George W. Bush didn’t have much use for The New York Times’ fake populist politics when he was president, and he sure doesn’t need its lame pop-psychology now.
In an interview with CNN’s Candy Crowley that aired Sunday, the 43rd president talked about his relationship with the 41st, and dismissed Crowley’s question about a Times book review that described an almost oedipal struggle between the two men – one that has only ebbed with the passage of time.
“He does not reflect on his lifetime of efforts to prove himself by following in his father’s footsteps, nor does he dwell on any frustrations in trying to measure up,” Times chief White House correspondent Peter Baker wrote. “With the former president fading into winter, the younger Bush’s book feels like a release of sorts, finally getting rid of whatever baggage has been there for so long. A son sits at the
The ex-president’s response?
“I think it’s typical psychobabble of somebody who has no clue what he’s talking about,” Bush said, that Texas accent adding an extra hint of scorn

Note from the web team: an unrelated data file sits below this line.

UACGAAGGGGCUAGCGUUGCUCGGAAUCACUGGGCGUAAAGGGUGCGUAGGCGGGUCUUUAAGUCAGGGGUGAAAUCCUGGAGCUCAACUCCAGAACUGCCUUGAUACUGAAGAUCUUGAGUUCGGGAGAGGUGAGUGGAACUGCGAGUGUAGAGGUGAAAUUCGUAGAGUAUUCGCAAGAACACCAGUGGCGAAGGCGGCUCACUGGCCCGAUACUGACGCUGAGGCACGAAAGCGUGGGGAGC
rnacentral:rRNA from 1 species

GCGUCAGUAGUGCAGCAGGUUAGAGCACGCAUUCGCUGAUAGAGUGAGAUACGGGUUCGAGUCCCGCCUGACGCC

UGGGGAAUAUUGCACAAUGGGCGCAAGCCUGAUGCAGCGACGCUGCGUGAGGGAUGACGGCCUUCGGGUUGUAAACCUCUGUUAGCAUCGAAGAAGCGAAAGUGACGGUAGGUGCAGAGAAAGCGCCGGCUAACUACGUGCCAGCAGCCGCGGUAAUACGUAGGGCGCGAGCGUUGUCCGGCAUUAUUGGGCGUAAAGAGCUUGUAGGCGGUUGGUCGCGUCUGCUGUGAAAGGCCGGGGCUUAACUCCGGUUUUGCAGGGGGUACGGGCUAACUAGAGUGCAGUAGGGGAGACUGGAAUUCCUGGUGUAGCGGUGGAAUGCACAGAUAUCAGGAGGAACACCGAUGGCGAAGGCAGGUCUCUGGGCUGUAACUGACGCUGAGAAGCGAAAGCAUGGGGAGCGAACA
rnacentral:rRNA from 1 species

“And one reason I wrote the book is that, you know, as I understand it, a lot of people are saying, well, you know, he’s in stiff competition with his father.”
Crowley was not to be put off: “Aren’t all sons in stiff competition with their father or with each other?”
“Not really,” Bush answered. “I mean, stiff competition is overstated. In other words, if you love somebody as much as I love my dad, and my brothers love my dad, and my sister loves him, there’s no need to compete.
“And so, I mean, people are going to write what they want to write.”
Psychobabble very much included.
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